In a move to disallow police to manufacture probable cause for an automobile search by claiming they detect the scent of marijuana, the Massachusetts Supreme Court has ruled that the smell of pot is not enough for an officer to violate drivers’ privacy.
A series of rulings issued by the court Friday stem from the case of Antonio L. Pacheco, who had his car, which was parked in a handicap spot, searched after a state trooper said he detected the scent of marijuana. The search yielded a small bag with less than 1 ounce of pot on the floor mat behind the passenger seat and a handgun in the car’s trunk.
Because the State decriminalized small amounts of marijuana in 2008, prosecutors attempted to slap Pacheco with a distribution charge, punishable by two years’ imprisonment, arguing that the man had shared pot with his passengers.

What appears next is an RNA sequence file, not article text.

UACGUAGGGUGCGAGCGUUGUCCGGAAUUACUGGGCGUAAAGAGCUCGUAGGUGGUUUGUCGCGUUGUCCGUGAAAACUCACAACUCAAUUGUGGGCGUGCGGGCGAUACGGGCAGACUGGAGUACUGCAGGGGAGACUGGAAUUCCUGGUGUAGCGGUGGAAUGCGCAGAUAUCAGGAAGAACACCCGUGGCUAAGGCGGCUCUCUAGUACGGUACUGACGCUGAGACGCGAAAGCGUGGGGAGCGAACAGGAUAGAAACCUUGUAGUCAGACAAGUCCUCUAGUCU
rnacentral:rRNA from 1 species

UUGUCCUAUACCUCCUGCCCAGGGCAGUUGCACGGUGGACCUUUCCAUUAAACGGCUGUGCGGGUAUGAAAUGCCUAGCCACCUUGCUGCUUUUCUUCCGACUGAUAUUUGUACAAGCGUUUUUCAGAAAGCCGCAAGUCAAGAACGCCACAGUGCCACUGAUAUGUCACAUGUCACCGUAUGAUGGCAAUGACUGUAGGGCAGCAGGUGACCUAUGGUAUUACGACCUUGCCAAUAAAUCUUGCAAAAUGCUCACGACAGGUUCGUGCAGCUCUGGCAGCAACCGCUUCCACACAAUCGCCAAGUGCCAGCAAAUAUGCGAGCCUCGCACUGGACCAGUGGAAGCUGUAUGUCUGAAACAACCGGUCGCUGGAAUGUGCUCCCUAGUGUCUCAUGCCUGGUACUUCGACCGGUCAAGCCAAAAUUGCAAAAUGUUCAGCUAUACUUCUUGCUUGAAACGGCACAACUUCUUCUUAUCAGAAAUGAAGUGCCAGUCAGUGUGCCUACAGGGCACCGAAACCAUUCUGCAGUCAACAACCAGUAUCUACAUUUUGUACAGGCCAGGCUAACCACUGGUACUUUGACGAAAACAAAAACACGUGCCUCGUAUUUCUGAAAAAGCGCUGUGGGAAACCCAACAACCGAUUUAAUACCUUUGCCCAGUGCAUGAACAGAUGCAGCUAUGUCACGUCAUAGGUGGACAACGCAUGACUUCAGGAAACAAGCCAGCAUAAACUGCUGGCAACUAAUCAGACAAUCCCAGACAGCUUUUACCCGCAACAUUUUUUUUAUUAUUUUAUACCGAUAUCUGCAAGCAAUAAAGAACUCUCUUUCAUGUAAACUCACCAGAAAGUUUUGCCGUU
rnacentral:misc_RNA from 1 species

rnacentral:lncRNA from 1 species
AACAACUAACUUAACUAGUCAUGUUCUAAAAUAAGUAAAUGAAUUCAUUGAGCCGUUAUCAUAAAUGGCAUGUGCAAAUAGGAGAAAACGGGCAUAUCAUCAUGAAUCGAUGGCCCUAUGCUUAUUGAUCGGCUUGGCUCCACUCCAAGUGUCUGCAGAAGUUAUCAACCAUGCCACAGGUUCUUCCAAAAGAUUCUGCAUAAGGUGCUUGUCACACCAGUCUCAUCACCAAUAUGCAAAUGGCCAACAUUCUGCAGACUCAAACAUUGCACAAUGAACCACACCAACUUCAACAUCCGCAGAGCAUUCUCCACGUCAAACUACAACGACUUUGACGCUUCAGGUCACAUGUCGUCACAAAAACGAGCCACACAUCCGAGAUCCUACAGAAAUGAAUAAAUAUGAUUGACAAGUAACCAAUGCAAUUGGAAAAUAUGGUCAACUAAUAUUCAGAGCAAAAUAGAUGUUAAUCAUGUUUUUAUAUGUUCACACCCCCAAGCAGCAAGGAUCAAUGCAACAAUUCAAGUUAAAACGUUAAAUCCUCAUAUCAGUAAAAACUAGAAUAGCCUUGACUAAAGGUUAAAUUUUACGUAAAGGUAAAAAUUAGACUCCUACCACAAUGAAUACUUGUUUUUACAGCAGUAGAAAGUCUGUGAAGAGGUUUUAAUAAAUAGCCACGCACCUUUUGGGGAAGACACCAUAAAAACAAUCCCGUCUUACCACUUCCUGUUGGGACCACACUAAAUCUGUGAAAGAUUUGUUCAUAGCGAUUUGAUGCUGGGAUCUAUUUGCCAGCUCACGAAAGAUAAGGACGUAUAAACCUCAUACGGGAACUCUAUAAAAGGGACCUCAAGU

“An officer smelling freshly burnt marijuana inside a stopped vehicle, and an occupant surrendering a noncriminal amount of marijuana, did not, without more, support probable cause to believe that a criminal amount of marijuana would be found in the vehicle,” Justice Fernande R.V. Duffly writes in the high court ruling. “Absent articulable facts supporting a belief that any occupant of the vehicle possessed a criminal amount of marijuana, the search was not justified by the need to search for contraband.”